Horne: 18 in copper theft ring indicted

Asarco workers among those accused in thefts totaling nearly $10M
2013-05-01T00:00:00Z 2013-05-01T09:25:23Z Horne: 18 in copper theft ring indictedLuis F. Carrasco and Carmen Duarte Arizona Daily Star Arizona Daily Star

Eighteen people are facing charges in a multimillion-dollar copper theft ring involving Asarco employees, state law-enforcement officials said Tuesday.

Of those facing charges, 15 live in Southern Arizona, including the Globe area, Hayden, Tucson and Nogales, and three live in California, said Assistant Attorney General Mike Jette.

"This is a stunning example of theft on a massive scale," Arizona Attorney General Tom Horne said in a news release.

Those indicted face criminal counts, including illegally conducting an enterprise, conspiracy, money laundering, fraudulent schemes and artifices, and theft involving nearly $10 million in stolen raw copper from Asarco, according to the indictment.

Indicted were Rene Joe Arbizo and Gene Carlo Garcia, who both worked for Asarco, Lillian Campos, Avelino Rubal, Robert Elkins, Caleb Elkins, Quentin Elkins, Angela Rubal, Frank Garcia Duarte, Todd Kennedy, William Stevens, Allen Nichols, Marcos Gallego, Jesus Mariano Luna Vazquez and Louis Ernesto Gallego.

Also indicted were Chun Chen Pedroza, Joanne Hu and Chihchan Lin, all of California.

The crimes began in early 2007, according to the indictment.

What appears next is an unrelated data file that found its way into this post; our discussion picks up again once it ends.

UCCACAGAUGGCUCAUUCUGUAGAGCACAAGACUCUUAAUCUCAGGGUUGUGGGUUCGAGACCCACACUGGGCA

The initial investigation began in September 2012 when security at the Asarco mine in Hayden, about 70 miles northeast of Tucson, contacted DPS about large-scale copper thefts. Mine security tracked flatbed trucks loaded with copper plates to a ranch in Marana.

Department of Public Safety investigators stopped a commercial truck and found 48 ingots of unrefined copper. Each ingot measured 4-feet square and weighed more than 800 pounds. They were each valued at about $3,500.

Asarco employees facilitated the thefts, selling the copper to heavy-metal recyclers in Arizona and California at a fraction of the price. The recyclers would then resell it to Chinese importers, investigators said.

Employees working at one of the recyclers even attempted to deceive U.S. customs inspectors by blackening the raw copper to disguise it as scrap, officials said.

Asarco officials could not be reached for comment.

Arbizo and Garcia, who have been fired by Asarco, worked in a section at the mine where the molds were poured, and they also worked loading tractor-trailer rigs, said Jette, who is prosecuting the case.

He said he could not elaborate further because the investigation continues. None of the 18 are in custody.

When asked what took so long for Asarco to discover the thefts, Jette said:

"Asarco is a very successful business, and it is easy to shave off the top. The best analogy is that when it is good times, and a business is making money, they don't necessarily see the fraud."

When a company looks "at belt-tightening to make a profit is when they see the problems," he said.

Jette also said it is difficult for a large company to assess its inventory.

"The company employs 2,700 workers in Arizona. They have good security policies, and they have trusted employees who can violate that trust because they have the opportunity to do so," Jette said.

Contact reporter Carmen Duarte at cduarte@azstarnet.com or 573-4104.

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